|Cypress seed pods in the Cal State Fullerton Arboretum|
As they were going they were cleansed. And one of them, realizing he had been healed,returned, glorifying God in a loud voice;and he fell at the feet of Jesus and thanked him. He was a Samaritan. Luke 17:14-16
How often does it happen that we do something generous for someone and they seem not to notice. They never thank us for what we did for them. In such situations it is difficult to maintain one's composure. We can focus on not being thanked and begin to feel taken for granted or disrespected. The focus becomes ungratefulness and its impact on me. "Look what I did and that person never thanked me!"
The gospel story is about the ten lepers whom Jesus cleansed of their leprosy, only one of whom returned to give him thanks and that one was a Samaritan, an outsider, a foreigner, a heretic. In the first reading, Naaman is cured of his leprosy by Elisha and returns to thank him with a gift, a gift that Elisha refuses. Paul writes in the second reading that even if we are unfaithful, Christ "remains faithful, for he cannot deny himself." It is not that that thankfulness is important to the healer, the giver but rather to the one who has been healed, the one who received the gift. When someone does something for me, it is not so important to them that I thank them but it is essential to me. That sense of gratefulness is to be part of my identity so that I cannot not thank someone because that is somehow who I am.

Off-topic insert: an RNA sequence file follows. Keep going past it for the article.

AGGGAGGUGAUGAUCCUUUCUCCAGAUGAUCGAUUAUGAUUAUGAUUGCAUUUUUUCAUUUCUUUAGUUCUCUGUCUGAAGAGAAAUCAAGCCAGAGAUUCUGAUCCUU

So it is between me and Christ and thus the Divine One. I have not been cured of leprosy. Perhaps the Divine One does not directly intervene in my life or any life. The fact that I am, that I have a life to begin with, is cause for gratitude and thankfulness. Not because the Divine One needs it or even wants it but because it is an indication that I have accepted and embraced my true nature. That is something the Divine One deeply desires.